(CN) – The Montana Supreme Court ruled for the city of Bozeman and its police in a negligence lawsuit brought by a gas station clerk who claimed the responding officers stood outside while she was raped at knifepoint and then briefly arrested her after apprehending the rapist.
Leah Gonzales managed to dial 911 after Jose Mario Gonzalez-Menjivar pulled a knife on her and demanded money from the safe at the Town Pump in Bozeman, Mont.
When officers arrived, the store was dark. At times, they could see a pair of shadows in the building. After their arrival, Menjivar took Gonzales to the store’s restroom and raped her.
When Menjivar left the building, he was arrested by the officers outside. The police also handcuffed Gonzales, who was wearing a Town Pump apron, before she said she had been raped.
Gonzales sued the Bozeman Police Department and the Gallatin County Sheriff’s Department for negligence and false arrest. The trial court ruled for the officers, and the state’s high court affirmed the decision.
“(The officers) did not know who was inside or how many people were involved,” Justice McGrath wrote. “They had no information about the weapons involved and had no way to determine in that time what reaction they would provoke by confronting those inside or forcible entering the building.”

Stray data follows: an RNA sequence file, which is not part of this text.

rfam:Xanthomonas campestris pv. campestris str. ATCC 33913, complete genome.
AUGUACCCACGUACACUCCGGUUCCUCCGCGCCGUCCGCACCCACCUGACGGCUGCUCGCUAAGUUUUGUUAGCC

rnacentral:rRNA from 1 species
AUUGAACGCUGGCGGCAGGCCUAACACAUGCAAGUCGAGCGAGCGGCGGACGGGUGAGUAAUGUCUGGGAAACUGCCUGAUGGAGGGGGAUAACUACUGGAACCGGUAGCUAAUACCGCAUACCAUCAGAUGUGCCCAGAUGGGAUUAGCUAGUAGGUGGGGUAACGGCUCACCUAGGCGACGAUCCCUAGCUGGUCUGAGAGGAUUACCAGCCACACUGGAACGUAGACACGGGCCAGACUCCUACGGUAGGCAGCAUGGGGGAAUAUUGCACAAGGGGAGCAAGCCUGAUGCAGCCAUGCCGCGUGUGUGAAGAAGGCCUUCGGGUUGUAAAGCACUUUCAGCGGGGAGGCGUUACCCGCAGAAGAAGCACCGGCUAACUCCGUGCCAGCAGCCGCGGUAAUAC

Gonzales also lost on her claim of false arrest.
“Gonzales did not immediately show herself when officers ordered anyone in the building to come out,” McGrath wrote.
“We decline to adopt a rule that would require officers in a similar situation to assume that anyone else at the scene of the crime is a victim.”
Menjivar pleaded guilty to rape, robbery and aggravated kidnapping. He was sentenced to 180 years in Montana State Prison.